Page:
I do on rare occasions suffer moments of self-doubt. I recently had a conversation about marriage with two men. One, already married, expressed a very typical male trope: he claimed to empathize with my anti-marriage sentiments, and said that was why he & A waited so long to get married: he wanted to be sure this was a definite thing and that they would never divorce. The other was skeptical of anti-marriage, and said that he felt he would not want to be with someone who was not able to make a commitment. This struck me as a typical female response to the ridiculous claim made by the first man, but it did make me think: if I know intellectually that I don’t believe in the institution of marriage, shouldn’t I be able to get married and keep myself separate from the institution, if I meet an otherwise ideal partner really values marriage? Is it possible that I am unnecessarily restricting my pool of potential mates for purely ideological reasons, reasons that have as little to do with the real meaning of being with someone as marriage itself ought to? And maybe there is something to that. Nonetheless, every idea I associate with ‘marriage,’ from the institutionalized commitment to the overblown ceremony, makes my stomach turn. I hope that as a culture we will dispense with marriage altogether soon.
Where did you get your thoughts about marriage?
From my life experiences, my observations of my own parents’ marriage, and conversations with partners, friends and strangers.
What do you say to folks who ask you when you’re getting married?
After M, I dated D for 7 years, so you would think this would have come up often, but actually I don’t think it did. On the rare occasions that I was asked, I would simply say, “Oh no, we’re not. We don’t want to get married.” If people asked why, I would explain that I think marriage is an institution which alters people’s fundamental relationship, and that D & I were together because we wanted to be together.
I read an interview with Goldie Hawn once, who famously never married her long-time partner Kurt Russell. She said, “I think it’s much sexier to call Kurt my boyfriend.” I thought that was great, and true.
Why do you think there’s such a stigma against women who aren’t married/choose not to be married? How do you think this this stigma has affected you?
I suppose the stigma for most people probably stems from a lack of creativity with regard to social structure. I think most Americans have a hard time imagining a meaningful support system outside of family. Men aren’t subject to the same stigma as women because they are seen as being beyond the need for a support system at all. I also think that we still have a perception that men are active participants in public life, and that women are oriented only toward family. Despite everything feminism has done, we still sub-silentio assume that women ultimately get their greatest chance for happiness and a secure future from cultivating a family.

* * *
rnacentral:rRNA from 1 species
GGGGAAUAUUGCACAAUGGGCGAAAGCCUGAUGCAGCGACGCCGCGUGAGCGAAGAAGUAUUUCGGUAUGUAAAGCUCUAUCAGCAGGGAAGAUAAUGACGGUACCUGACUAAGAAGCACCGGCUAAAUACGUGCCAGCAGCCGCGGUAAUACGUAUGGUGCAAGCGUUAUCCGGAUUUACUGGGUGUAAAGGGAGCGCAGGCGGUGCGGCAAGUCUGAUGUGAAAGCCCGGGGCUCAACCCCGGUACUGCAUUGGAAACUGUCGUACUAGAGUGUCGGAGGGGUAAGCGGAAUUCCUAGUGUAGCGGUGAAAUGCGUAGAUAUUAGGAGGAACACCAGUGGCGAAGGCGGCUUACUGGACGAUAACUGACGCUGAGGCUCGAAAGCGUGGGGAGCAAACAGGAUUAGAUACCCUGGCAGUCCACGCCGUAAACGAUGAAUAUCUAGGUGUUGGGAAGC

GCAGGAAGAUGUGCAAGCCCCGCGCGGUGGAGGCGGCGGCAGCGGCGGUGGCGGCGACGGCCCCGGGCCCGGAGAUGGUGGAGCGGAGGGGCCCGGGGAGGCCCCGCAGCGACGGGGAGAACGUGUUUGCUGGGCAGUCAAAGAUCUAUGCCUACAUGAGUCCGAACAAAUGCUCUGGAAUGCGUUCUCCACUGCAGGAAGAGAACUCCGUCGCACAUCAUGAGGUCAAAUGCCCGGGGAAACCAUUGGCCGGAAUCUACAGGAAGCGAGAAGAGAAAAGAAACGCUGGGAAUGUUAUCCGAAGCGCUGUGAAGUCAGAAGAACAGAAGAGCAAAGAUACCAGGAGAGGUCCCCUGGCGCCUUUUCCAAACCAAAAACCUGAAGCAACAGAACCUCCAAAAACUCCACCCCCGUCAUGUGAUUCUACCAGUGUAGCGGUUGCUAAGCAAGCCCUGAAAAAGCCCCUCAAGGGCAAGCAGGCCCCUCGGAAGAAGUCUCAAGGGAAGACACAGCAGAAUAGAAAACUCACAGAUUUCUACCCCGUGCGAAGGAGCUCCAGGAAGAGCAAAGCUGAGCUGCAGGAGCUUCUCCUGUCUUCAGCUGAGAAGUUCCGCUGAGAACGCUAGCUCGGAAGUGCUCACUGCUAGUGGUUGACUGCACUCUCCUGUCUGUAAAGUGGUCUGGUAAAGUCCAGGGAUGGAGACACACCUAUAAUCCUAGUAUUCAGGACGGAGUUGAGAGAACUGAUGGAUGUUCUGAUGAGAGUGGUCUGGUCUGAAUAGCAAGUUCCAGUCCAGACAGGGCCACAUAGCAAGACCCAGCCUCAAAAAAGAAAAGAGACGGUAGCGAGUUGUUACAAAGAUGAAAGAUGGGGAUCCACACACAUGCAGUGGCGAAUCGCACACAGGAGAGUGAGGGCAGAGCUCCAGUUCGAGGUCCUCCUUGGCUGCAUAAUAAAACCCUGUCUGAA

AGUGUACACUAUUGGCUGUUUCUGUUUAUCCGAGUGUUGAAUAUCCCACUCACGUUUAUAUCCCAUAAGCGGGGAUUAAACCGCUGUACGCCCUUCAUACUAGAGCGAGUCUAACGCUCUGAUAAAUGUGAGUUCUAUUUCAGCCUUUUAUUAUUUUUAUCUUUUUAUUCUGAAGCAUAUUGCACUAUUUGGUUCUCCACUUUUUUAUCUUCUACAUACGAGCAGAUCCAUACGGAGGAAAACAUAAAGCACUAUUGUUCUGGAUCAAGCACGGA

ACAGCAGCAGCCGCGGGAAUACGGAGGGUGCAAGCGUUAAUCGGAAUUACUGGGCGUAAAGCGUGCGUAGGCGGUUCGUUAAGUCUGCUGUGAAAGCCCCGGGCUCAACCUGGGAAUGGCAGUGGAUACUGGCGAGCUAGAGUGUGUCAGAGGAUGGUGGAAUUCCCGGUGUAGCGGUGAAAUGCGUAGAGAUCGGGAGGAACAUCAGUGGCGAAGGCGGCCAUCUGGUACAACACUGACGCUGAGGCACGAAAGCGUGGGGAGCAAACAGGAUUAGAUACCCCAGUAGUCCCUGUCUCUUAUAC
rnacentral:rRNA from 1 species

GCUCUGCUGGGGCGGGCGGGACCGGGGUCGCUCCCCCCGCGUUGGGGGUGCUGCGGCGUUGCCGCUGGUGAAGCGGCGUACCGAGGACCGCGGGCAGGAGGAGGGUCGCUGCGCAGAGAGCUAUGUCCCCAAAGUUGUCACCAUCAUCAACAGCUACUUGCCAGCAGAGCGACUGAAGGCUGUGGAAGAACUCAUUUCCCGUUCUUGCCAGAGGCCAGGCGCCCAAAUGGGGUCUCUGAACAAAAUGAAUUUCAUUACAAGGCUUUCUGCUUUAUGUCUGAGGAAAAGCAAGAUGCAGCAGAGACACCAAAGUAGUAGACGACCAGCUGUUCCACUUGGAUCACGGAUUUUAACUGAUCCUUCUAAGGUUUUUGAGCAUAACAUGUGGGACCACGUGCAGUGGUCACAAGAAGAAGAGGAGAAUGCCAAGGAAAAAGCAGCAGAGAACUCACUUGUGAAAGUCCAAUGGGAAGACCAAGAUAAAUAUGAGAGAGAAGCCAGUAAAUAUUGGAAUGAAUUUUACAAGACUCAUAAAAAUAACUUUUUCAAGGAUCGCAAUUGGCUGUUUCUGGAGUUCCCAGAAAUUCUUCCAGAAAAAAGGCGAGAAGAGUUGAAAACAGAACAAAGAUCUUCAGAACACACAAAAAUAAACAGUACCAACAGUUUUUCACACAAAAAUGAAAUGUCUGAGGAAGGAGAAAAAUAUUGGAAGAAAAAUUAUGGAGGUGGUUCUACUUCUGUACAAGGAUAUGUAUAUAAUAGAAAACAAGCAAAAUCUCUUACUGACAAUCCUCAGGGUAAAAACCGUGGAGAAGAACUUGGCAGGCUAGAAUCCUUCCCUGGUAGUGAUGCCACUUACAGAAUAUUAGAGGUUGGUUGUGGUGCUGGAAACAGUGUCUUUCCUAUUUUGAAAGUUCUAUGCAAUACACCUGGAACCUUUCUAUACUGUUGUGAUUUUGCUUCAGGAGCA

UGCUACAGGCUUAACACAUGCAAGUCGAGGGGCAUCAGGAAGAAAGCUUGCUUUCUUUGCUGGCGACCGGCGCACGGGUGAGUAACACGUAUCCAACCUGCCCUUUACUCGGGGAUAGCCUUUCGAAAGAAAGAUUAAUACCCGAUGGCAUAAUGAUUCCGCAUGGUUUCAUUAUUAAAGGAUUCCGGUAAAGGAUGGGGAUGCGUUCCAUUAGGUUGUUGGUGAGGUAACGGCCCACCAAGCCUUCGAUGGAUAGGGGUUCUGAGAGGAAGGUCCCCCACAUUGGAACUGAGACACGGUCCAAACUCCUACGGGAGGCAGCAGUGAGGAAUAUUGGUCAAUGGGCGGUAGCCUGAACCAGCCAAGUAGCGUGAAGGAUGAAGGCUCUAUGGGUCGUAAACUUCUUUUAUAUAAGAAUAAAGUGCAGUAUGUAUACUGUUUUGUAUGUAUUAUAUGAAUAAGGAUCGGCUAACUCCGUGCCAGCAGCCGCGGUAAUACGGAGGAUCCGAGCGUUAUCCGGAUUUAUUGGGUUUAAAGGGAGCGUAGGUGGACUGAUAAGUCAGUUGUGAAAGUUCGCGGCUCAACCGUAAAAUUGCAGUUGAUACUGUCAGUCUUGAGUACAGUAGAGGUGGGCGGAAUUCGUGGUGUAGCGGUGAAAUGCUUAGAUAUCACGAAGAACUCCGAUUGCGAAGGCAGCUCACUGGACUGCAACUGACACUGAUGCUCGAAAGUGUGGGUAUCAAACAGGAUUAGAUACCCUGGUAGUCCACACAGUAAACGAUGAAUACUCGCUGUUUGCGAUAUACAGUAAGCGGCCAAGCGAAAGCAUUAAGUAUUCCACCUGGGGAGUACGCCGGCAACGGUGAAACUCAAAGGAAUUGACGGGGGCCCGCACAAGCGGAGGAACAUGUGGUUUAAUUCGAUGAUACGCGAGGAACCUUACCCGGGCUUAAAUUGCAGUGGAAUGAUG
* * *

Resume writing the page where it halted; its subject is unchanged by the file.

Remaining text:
Personally, despite the fact that I have a fairly active civic life, and a wonderful community of friends, I do have concerns about what will happen to me when I become elderly and infirm. Who will take care of me? It’s not that I think getting married or having children is the answer. Clearly that’s little more than a myth, if that. On the other hand, I think as a society we have not put in place much in the way of protections & mechanisms to ensure social welfare. There’s still very much an individualist/tribal mentality defining our social structures. This scares me on behalf of us all.
As to more immediate effects of the stigma, I used to struggle with my parents, who were, and perhaps to some degree still are, uncomfortable with my ways. During the time I was with M, my brother, J, got married to K. M & I were together for a total of about 5 years. We lived together, had shared credit lines, and got pets together. From a day-to-day perspective there was no difference between my relationship with M, and J’s relationship with K. And yet, to my family, it did matter: J & K were allotted their own bedroom when they stayed with my parents for holidays; M & I had to stay in separate rooms. Fast forward some years: a couple years after D & I had moved in together, my mom called during a summer heat wave to suggest that if I was in need of AC I could come stay with them. ‘And D?’ I inquired. ‘Well, I don’t know, I don’t think so, your father wouldn’t be comfortable with it…’ ‘Okay, well ask him. I’m not interested in accepting any invitations that apply only to me.’ I knew that it was my mom who had the issue, not my dad. I got a call back a few hours later that my dad didn’t mind, and we could both come. As more time has passed, and I’ve firmly established that I am never going to be getting married, and that I will never be having children, my parents have relaxed quite a bit.
What are your feelings on the word “spinster”?
I associate it with 19th C novels. Black clad women whose great love died in some long forgotten war, or turned out to be monstrous. Spinsters are women who have never moved past a tragic moment of love lost: Jane Eyre or Mrs. Havisham. In the 18th C., it seemed, a mysterious, dark history was needed to explain the phenomenon of a never-married woman. I have no personal identification with the word, and nor do I associate it with my older female friends who never married.